But the whole incident could have been solved by a few easy steps.

2 Steps for Avoiding Facebook Hacks

The first step is going to hurt for a lot of us: Stop using Facebook.

If you’re like me, you waste way too much time there in internet arguments. Stop. Stop sharing articles. Stop liking things. Stop altogether.

But there is a convenience to Facebook when connecting with friends and family. For some of my family, it’s the only way we stay connected. In this case, there are some critical things you need to do:

  • Create an email address specifically for Facebook — don’t use it anywhere else.
  • Don’t share any personal information — at all. No phone number. No mailing address. This means in your postings as well as in your profile.
  • Change your privacy settings to “Friends” and not “Public.” It will further limit the amount of personal data you share, but you are still subject to your friends’ privacy policies.
  • Don’t, under any circumstances, use “Connect with Facebook.”

That last point needs some further explaining. “Connect with Facebook” is one of the world’s worst password managers. It allows you to log into websites by using your Facebook information, thereby alleviating the need to remember a password for that site.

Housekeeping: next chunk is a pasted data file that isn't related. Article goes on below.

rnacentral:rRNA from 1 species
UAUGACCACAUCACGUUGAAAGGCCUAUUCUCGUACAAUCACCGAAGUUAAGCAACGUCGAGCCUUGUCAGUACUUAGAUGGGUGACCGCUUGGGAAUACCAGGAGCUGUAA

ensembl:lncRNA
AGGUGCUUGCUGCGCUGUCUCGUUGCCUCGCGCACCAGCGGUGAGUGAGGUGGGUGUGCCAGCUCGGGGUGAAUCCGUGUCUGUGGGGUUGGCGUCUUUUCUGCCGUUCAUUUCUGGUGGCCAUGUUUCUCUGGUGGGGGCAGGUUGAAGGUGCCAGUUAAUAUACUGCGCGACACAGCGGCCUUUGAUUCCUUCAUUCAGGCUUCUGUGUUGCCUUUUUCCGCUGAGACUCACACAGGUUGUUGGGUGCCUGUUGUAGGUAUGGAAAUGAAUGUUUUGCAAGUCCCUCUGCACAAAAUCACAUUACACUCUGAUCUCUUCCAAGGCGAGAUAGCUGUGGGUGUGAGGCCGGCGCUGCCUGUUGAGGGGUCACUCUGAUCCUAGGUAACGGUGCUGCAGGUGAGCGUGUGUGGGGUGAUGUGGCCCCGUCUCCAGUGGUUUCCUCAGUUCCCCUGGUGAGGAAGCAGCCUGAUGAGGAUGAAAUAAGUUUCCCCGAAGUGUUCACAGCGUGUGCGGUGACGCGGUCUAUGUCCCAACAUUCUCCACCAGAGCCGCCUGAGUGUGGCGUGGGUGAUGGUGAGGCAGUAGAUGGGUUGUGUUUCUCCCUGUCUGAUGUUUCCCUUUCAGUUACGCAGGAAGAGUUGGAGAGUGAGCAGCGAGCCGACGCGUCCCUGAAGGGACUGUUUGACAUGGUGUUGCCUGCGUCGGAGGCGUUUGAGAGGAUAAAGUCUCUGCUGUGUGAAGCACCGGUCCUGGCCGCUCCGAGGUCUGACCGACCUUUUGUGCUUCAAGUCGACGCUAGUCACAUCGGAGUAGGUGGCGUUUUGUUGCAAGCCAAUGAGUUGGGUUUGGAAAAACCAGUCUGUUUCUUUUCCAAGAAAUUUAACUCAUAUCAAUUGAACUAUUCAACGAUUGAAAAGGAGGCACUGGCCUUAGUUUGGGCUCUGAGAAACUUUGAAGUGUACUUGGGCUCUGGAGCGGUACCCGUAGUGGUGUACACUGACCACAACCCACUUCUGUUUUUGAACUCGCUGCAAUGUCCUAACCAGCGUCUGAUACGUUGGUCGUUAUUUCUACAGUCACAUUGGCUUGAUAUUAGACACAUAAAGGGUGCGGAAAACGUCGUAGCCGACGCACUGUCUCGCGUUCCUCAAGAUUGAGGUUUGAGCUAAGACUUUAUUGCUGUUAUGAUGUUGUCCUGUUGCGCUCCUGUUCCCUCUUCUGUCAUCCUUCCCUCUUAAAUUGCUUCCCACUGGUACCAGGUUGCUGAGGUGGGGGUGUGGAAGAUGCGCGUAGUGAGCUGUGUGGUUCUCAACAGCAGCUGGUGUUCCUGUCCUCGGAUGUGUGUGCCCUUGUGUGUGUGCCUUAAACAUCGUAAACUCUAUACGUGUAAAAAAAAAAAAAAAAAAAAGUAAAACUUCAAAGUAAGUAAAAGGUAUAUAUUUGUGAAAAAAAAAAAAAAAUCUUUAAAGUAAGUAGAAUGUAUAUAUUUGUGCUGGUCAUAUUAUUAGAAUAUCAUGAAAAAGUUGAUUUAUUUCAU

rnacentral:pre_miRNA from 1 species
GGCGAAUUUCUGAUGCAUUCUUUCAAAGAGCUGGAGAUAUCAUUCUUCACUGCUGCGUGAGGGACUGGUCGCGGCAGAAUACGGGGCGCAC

It sounds like a simple solution, especially when you have unique passwords and usernames for practically every website you visit these days. But this simple solution makes it extremely easy for a Facebook hack to occur, as access to personal information you share with these other websites is granted.

It also allows those other websites access to data you share with Facebook. Therefore, if the other website gets hacked, the hacker also potentially has access to identifying information you shared with Facebook.

This is in addition to your personal information being shared across the internet with various third parties — you don’t think those tailored ads are just a coincidence, do you?

The second overall step is to beef up your own personal security. That means ditching that free email address you got from Gmail or Yahoo and getting a password manager — a real service like LastPass, not that fake one Facebook offers. Never reuse passwords and user names for multiple websites.

Ultimately, it’s going to cost you a little bit of money out of pocket. LastPass’s main service is free, but its paid service is about $48 per year. For secure email, there’s CounterMail for about $20 every three months. But how much is your personal information, your bank account, and your life savings worth it to you to prevent a Facebook hack?

I’ve only skimmed the surface when it comes to applications like these. For a considerably more in-depth dive and the best recommendations on what you can do to protect your digital privacy, you must read this month’s edition of The Bauman Letter and Ted Bauman’s special report, Privacy Code 2.0.

Both would have saved Grace thousands of dollars … and a tear-streaked call to family at midnight.

Until next time, good trading!


Joseph Hargett

Assistant Managing Editor, Banyan Hill Publishing